This is where the magic happens. All of the above ingredients are added to a PCR tube and the tube is thermocycled. In order to achieve thermocycling when PCR was first invented individual PCR tubes were manually moved between heated water baths. (And you think your bench work is tedious!) Now, thanks to the invention of “Mr. Cycles”, the first thermocycling machine, temperature regulation is now done automatically by thermocyclers. The following is a typical PCR thermocycler profile:

1. Initialization

In this step the reaction is heated to 94-96°C for 30 seconds to several minutes. This step is usually only done once in the very beginning of your PCR reaction. This step is important for activating hot-start polymerases, if you are uses such a polymerase, and to denature your template DNA. Keep in mind that if your template GC content is high you may need to perform an extra-long initialization step.

2. Denaturation (repeated 15-40 times)

In this step, the reaction is heated to 94-98°C for 15-30 seconds. This step denatures your DNA and primers, which will allow them to anneal to each other in the next step.

3. Annealing (repeated 15-40 times)

In this step, your reaction’s temperature is rapidly lowered to 50-64°C for 20-40 seconds.  The temperature in this step needs to be low enough that your denatured primers can form Watson-Crick base pairs with your template DNA. But high enough that only the most stable (perfectly paired) double-stranded DNA structures can form. Usually this perfect annealing temperature is a few degrees lower than the melting temperature of your primer pair. Also during this step your polymerase will binds to your primer/template DNA complex. Although your polymerase will not start reading until the temperature is raised in the next step. 

4. Elongation or Extension (repeated 15-40 times)

In this step your reaction is rapidly heated to 72-80°C. This is when your polymerase will begin reading (in the 5´-3´ direction) and copying your template DNA (in the 3´-5´direction). The higher temperature during this step reduces non-specific primer/template DNA interactions, thus increasing the specificity of your reaction. However, the exact temperature will be determined by the preference of your polymerase, so read your packaging. The length of this step depends on how long your DNA copy will be. Typically, DNA polymerase can copy 1,000 base pairs per minute. Therefore you need to allow at least 1 minute of extension time per 1,000 bases. At the end of this incubation new double-stranded pieces of DNA will have been created, consisting of both template and new DNA.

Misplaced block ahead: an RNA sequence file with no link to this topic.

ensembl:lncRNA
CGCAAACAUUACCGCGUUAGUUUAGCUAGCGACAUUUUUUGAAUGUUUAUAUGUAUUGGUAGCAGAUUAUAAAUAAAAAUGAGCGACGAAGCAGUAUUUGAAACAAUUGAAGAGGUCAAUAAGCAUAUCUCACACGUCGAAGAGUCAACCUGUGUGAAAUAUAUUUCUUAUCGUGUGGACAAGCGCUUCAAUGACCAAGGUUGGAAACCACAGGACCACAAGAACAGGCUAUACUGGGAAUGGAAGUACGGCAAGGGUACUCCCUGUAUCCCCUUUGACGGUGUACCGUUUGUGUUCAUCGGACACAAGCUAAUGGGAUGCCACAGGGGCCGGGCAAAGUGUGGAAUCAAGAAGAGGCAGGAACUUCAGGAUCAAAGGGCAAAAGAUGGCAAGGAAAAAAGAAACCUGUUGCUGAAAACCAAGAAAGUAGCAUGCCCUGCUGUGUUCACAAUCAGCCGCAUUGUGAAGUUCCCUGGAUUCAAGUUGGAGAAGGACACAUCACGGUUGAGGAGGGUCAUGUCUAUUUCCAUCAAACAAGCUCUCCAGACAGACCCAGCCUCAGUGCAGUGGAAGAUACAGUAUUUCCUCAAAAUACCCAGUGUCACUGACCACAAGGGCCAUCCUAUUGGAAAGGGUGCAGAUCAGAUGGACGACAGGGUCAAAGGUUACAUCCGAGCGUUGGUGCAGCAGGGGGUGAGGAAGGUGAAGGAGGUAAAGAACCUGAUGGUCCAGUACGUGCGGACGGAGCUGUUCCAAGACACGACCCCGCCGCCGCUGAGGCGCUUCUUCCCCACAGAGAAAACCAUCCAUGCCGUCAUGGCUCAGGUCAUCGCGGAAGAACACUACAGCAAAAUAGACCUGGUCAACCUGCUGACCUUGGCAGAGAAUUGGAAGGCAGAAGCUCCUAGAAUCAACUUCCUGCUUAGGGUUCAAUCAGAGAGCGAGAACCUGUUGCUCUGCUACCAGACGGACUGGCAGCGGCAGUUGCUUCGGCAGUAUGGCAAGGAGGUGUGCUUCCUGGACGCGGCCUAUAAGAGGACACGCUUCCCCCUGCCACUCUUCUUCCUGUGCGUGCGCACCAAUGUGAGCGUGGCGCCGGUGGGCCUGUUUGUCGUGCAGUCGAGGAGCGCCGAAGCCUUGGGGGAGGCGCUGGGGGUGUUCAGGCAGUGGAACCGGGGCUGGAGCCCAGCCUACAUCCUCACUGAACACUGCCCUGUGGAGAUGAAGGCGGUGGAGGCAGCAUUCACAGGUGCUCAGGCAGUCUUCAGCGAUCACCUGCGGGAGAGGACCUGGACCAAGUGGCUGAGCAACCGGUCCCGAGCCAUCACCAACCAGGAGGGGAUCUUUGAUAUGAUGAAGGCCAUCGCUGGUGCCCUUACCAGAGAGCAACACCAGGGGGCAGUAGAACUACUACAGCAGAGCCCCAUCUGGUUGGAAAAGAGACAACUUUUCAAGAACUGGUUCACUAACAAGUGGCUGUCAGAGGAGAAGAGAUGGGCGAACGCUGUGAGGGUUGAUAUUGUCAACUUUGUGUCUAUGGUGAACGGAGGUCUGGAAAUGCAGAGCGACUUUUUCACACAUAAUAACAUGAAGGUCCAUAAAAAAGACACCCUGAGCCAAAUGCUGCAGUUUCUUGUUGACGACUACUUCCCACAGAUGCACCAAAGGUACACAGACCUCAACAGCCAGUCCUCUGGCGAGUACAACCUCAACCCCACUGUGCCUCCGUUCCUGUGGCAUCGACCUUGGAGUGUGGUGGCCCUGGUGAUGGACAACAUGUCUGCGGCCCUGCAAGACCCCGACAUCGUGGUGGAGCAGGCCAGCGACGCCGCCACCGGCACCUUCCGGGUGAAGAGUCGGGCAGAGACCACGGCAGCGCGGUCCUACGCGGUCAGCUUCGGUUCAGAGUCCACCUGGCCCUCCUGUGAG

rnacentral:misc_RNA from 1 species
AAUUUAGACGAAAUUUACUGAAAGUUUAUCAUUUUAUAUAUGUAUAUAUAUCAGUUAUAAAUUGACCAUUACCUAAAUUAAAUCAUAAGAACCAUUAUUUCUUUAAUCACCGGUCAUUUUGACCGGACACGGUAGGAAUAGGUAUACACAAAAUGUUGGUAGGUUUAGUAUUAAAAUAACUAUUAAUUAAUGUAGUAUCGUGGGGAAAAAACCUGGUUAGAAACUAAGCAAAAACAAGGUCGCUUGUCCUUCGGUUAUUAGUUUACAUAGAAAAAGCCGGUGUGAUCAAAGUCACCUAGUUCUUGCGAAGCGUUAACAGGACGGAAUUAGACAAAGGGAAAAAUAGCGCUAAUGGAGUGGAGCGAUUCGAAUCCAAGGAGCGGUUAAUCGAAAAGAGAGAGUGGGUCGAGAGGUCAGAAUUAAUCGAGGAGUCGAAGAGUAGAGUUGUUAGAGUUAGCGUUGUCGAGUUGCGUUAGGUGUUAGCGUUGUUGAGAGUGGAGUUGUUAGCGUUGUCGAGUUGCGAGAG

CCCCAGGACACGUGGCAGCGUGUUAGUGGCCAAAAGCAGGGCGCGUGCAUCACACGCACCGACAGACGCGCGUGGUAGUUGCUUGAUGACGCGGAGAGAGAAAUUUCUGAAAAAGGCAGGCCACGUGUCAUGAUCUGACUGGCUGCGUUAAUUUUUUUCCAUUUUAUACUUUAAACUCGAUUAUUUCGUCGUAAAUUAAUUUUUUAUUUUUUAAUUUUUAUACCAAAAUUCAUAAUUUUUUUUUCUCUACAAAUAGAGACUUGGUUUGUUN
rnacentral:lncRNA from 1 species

Step 2-4 are then repeated 15-40 times

It is true that the more cycles you program the more DNA copies you will create. However, there is an upper limit. At some point available free nucleotides become limiting and prematurely truncated DNA copies can become a problem. So do not get greedy with your cycling. Less but good clean PCR product is preferable to lots of dirty product.

5. Final elongation

This is an optional but often recommended step. In this step the reaction is held at 70-74°C for several minutes. (Usually you will use the same temperature as you used in the Elongation or Extension step.) This step allows the polymerases to finish reading whatever strand they are currently on. This optional step can help reduce the number of truncated copies in your final product.

6. Final hold

Your reaction is now complete. Since the entire process can take a few hours, PCR reactions are often done overnight or when you have otherwise stepped away; it is recommended that you program your thermocycler to hold your PCR product at 4°C until you return. At which time you can analyze or use your product, or transfer it to more suitable long-term storage like your refrigerator.

Good luck and Happy PCR-ing!

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  1. Fathima on September 21, 2019 at 6:22 am

    PCR in the simplest words!

  2. Anna on October 22, 2017 at 5:37 pm

    Hello, I am new to PCR and I have one (maybe silly) question: